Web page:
Making engineering and math and science relevant to students is exactly what organizations like PLTW do well, though. The teachers involved can see how the subject matters and hands-on projects light up their students eyes, while the students are inspired not only by the relevancy but by the rigor and career opportunities they can see coming from such hands-on academic work. One student at Toppenish put it this way: "As a sophomore I didn't want to go to school…Project Lead The Way influenced me to...go to school and do a career. It's something that I love doing."

Last year, Trevor Greene was named National High School Principal of the year by the National Association of Secondary School Principals (NASSP), for "help[ing] a rural, high-poverty school overcome the odds." The NASSP press release states that "Thanks to Greene's encouragement, participation in rigorous STEM courses skyrocketed, the school's dropout rate decreased, and state science scores increased by 67% over a three-year period." Greene thanks PLTW.

The Trevor Greene and Toppenish story is unique but not isolated. PLTW operates in thousands of schools across the nation, including public and private schools, low- and high-income areas; and each has a number of success stories from students and teachers inspired about new subjects and ways of thinking, teaching, and learning.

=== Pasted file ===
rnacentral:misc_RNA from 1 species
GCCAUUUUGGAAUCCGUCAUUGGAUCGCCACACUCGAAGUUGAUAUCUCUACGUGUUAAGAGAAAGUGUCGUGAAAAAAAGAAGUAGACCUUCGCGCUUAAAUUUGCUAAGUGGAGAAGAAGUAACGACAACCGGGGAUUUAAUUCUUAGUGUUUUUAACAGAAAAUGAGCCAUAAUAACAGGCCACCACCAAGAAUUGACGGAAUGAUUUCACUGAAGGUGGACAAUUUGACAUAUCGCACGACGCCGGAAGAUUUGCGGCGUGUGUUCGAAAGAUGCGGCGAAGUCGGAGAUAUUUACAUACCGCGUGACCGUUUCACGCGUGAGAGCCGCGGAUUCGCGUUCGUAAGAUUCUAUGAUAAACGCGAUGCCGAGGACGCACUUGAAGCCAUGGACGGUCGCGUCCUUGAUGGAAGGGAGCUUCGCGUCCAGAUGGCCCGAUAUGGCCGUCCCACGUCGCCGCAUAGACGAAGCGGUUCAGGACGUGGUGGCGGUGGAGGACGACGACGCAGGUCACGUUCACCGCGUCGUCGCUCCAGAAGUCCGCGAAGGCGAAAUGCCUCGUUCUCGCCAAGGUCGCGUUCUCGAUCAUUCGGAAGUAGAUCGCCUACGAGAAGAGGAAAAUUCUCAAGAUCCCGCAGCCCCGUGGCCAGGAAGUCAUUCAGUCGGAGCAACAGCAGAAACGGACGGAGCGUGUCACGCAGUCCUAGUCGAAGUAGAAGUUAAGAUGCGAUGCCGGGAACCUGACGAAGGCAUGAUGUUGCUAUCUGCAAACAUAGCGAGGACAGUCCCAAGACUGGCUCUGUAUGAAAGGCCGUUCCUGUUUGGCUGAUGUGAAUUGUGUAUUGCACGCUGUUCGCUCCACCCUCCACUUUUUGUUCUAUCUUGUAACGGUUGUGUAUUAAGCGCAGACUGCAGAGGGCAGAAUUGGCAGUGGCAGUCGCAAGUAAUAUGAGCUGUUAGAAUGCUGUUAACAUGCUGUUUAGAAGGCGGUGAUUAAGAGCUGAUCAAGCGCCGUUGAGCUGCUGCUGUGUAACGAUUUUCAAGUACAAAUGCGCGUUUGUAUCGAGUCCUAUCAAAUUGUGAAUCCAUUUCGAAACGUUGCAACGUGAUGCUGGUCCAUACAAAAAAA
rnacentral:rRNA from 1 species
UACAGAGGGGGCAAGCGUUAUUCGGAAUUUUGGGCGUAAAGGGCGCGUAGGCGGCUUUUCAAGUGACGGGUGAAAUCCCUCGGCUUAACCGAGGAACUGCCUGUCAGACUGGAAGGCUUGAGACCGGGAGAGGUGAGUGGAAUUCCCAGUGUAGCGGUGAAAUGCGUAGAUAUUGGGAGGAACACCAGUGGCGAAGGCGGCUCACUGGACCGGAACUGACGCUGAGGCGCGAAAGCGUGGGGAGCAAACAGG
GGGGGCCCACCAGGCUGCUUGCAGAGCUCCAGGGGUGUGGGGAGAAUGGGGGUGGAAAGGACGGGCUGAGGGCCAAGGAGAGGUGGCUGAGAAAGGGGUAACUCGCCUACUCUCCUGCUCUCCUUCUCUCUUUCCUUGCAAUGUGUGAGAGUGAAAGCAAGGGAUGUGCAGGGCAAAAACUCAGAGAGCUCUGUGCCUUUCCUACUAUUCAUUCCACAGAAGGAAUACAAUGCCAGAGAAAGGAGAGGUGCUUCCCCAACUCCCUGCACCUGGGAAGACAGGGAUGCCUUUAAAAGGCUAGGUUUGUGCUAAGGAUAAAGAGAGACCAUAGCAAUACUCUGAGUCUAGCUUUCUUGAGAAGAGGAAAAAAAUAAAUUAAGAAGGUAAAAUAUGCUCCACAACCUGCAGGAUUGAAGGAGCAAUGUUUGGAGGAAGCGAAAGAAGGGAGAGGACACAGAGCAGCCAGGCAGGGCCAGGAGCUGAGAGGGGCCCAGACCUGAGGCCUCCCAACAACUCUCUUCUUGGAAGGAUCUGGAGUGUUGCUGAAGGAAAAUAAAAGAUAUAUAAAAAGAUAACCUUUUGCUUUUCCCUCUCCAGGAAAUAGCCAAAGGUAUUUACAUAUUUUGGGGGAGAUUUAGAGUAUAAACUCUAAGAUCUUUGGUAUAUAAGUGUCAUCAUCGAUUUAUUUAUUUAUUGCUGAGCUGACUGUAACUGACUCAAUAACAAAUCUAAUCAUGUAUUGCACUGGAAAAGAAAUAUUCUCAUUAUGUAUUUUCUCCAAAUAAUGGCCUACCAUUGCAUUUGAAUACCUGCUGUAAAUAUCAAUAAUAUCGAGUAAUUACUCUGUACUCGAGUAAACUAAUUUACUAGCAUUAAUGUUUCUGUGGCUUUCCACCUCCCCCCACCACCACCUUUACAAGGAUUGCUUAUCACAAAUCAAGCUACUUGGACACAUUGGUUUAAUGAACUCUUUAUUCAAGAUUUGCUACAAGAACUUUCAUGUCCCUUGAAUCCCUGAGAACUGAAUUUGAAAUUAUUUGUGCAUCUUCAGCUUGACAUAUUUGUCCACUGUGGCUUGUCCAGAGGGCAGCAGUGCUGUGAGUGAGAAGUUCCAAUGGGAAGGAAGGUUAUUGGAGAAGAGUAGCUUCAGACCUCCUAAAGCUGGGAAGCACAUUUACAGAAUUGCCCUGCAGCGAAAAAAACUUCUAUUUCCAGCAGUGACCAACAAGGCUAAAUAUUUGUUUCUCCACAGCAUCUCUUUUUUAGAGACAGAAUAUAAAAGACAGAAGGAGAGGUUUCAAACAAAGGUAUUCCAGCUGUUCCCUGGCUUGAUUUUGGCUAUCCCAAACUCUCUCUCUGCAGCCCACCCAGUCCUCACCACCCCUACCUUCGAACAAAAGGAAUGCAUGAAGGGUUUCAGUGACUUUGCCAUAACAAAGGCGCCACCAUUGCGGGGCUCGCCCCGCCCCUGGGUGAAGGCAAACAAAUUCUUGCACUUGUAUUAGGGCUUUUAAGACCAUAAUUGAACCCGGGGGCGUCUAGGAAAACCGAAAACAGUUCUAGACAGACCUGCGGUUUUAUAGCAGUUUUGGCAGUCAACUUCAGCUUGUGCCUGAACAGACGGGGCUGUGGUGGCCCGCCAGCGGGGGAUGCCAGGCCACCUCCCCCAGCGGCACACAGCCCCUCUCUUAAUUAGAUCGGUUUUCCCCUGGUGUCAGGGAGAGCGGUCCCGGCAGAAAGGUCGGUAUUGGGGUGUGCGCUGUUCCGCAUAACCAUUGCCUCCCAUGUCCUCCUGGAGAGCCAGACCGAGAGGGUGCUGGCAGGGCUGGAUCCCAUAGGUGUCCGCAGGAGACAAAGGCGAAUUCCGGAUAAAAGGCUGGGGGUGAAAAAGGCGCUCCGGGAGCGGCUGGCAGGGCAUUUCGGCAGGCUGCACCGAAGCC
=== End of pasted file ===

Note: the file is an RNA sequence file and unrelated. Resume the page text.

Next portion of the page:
My new book, Is College Worth It?, has many criticisms of the post-secondary education system in America. One of these is how colleges and universities have decreased their emphasis on important and practical fields of study like STEM. But our higher education system is not alone in deserving blame. They have to spend a lot of time and money providing remedial education to students who received poor preparation at the K-12 level. All of these critiques of our elementary, secondary, and post-secondary systems are important. But so are the successes which I also point out, because, in the end, there are a lot of concerted efforts at school reform that do, in fact, work. It can happen classroom by classroom, school by school, district by district—not just through national comprehensive, one-size-fits all reform.

If we are going to remain a first rate country—in everything from health care to national defense, from technological advancement to employment opportunities—we have a long way to go. We simply cannot continue on the path of mediocrity we have coasted on for so long.

So, if we want to move from theories and ideas to facts and results that improve American education, schools like Toppenish, organizations like PLTW, and principals like Greene show us how. We simply need to point such successes out, highlight them, and show that the possible can be proven by the actual.

*William J. Bennett is the former US Secretary of Education, a Senior Advisor to Project Lead The Way, and, most recently, the author (with David Wilezol) of Is College Worth It.

CONTACT: Jennifer Cahill Director of Communications Project Lead The Way jcahill@pltw.org

Source: Project Lead the Way (PLTW)